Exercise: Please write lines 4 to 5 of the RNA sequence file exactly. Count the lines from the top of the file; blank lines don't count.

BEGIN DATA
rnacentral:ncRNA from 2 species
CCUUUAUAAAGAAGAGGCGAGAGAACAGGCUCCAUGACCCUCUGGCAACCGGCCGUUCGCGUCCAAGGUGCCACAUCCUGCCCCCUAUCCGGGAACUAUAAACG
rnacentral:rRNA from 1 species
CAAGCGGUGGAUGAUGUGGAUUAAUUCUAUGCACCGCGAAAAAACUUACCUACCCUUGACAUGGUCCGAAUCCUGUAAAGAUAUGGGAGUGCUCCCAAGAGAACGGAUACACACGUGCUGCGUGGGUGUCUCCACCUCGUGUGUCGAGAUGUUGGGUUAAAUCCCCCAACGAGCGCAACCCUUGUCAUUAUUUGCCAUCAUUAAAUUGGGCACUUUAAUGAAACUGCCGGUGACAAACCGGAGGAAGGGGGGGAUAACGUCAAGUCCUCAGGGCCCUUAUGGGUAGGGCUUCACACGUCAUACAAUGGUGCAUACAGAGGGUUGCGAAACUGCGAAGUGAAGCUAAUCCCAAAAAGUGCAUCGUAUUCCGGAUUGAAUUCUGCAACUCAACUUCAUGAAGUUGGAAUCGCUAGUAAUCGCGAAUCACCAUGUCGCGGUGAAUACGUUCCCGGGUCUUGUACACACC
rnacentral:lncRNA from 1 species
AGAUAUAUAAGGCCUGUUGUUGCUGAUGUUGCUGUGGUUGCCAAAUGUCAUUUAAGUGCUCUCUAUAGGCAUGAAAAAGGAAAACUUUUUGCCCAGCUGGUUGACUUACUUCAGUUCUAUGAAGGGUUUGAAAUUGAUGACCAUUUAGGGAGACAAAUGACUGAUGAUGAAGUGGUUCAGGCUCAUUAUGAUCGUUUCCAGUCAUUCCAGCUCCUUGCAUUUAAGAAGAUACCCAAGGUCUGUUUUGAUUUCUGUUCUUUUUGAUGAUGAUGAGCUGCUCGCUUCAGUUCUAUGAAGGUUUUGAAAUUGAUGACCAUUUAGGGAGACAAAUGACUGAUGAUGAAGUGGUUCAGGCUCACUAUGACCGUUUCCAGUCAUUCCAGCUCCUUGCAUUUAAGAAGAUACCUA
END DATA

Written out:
CAAGCGGUGGAUGAUGUGGAUUAAUUCUAUGCACCGCGAAAAAACUUACCUACCCUUGACAUGGUCCGAAUCCUGUAAAGAUAUGGGAGUGCUCCCAAGAGAACGGAUACACACGUGCUGCGUGGGUGUCUCCACCUCGUGUGUCGAGAUGUUGGGUUAAAUCCCCCAACGAGCGCAACCCUUGUCAUUAUUUGCCAUCAUUAAAUUGGGCACUUUAAUGAAACUGCCGGUGACAAACCGGAGGAAGGGGGGGAUAACGUCAAGUCCUCAGGGCCCUUAUGGGUAGGGCUUCACACGUCAUACAAUGGUGCAUACAGAGGGUUGCGAAACUGCGAAGUGAAGCUAAUCCCAAAAAGUGCAUCGUAUUCCGGAUUGAAUUCUGCAACUCAACUUCAUGAAGUUGGAAUCGCUAGUAAUCGCGAAUCACCAUGUCGCGGUGAAUACGUUCCCGGGUCUUGUACACACC
rnacentral:lncRNA from 1 species